The dollar figure on your provincial property assessment notice should not be taken as your home’s market value
BC Assessment notices have arrived in the mail two weeks ago, giving some of our clients who are looking to buy a bit more spring in their step, while leaving our sellers confused at the decrease in assessed value.
But hold on a second. This assessment document is not tied to the current true market value. In fact, provincial property assessments can be significantly too high or too low for a number of reasons:
Properties are rarely visited in person by provincial appraisers. For example - You could have two exact same condo units, on the same floor, side by side, same size. One just had a $100,000 renovation and the other is in original condition. These will both be tax assessed at the exact same amount, however if you were to sell these - The renovated unit would sell for approximately $100,000 more.
Location. Let’s say you have two detached homes, same size house, same lot size, built the same year. One home is on a T-intersection with a Feng Shui issue and the other is next door with no issue. Both homes could be assessed at the same value, however the home on the T- intersection is almost always going to sell for quite a bit less.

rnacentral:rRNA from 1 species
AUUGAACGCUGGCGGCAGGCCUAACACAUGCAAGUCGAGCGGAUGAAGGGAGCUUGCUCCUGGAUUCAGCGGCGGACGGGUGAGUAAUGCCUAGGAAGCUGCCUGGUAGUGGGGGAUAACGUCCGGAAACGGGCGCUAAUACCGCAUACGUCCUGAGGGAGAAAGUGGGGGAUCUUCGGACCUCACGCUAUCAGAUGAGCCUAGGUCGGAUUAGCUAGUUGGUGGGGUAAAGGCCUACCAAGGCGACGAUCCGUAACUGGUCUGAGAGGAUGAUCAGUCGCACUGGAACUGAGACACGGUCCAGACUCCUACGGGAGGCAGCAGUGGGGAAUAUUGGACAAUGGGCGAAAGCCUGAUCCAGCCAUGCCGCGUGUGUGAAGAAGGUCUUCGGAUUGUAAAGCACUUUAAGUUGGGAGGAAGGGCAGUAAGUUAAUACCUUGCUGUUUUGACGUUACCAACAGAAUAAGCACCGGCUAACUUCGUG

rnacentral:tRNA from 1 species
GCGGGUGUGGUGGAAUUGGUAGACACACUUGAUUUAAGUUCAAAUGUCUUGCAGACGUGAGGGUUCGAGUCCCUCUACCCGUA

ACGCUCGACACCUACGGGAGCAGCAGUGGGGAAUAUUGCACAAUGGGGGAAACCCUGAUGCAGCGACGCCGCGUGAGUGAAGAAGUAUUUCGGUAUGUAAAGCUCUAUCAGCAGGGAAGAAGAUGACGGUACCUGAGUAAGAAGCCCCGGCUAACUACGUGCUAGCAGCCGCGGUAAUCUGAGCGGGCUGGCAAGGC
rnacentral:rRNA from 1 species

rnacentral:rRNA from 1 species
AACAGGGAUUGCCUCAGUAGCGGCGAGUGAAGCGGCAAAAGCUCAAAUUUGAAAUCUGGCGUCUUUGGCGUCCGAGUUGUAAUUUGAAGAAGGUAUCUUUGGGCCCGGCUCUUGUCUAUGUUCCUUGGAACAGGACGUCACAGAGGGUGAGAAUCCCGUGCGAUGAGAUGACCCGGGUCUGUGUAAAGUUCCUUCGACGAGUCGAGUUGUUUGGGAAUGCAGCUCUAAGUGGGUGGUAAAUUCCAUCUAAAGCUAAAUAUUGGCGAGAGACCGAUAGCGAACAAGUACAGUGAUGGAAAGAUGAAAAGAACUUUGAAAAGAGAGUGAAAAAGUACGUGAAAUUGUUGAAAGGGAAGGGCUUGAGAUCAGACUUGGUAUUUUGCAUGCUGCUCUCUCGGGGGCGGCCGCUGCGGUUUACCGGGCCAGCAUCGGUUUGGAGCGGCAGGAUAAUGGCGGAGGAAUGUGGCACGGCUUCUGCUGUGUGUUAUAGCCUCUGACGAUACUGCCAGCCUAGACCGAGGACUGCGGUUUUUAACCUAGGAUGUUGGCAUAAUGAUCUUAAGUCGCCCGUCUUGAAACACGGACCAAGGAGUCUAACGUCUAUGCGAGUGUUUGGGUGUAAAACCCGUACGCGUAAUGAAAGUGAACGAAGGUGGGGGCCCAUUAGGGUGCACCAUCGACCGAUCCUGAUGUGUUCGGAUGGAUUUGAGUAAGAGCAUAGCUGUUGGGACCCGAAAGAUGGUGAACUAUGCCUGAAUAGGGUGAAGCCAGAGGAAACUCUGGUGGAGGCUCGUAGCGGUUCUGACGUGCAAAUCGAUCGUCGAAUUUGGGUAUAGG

Values are determined in July of the previous year.
They don't take into consideration view corridors, location within the building, etc.
For these reasons, provincial property assessments should never be solely relied upon as any sort of relevant indicator of true market value for the purposes of purchase, sale or financing.
What's my home really worth?
Market value is determined by what a buyer is willing to pay for a home, and what the seller is willing to accept.
A quick survey of recent sales and their relation to assessed values will often demonstrate no clear relationship between sale price and assessed value. Some properties selling below assessment, and others well above. In Vancouver homes generally sell above assessed value majority of the time.
You want an experienced and local REALTOR to help you determine the selling price of your home. A good agent will have a far better handle on what is happening in your area for prices than does a government document, and in many instances will save you from yourself.
In summary, rather than relying on your out-of-date BC Assessment for your home’s value, you should gather professional opinions from a real estate agent and an appraiser – these are the people with their feet on the ground and their heads in the game.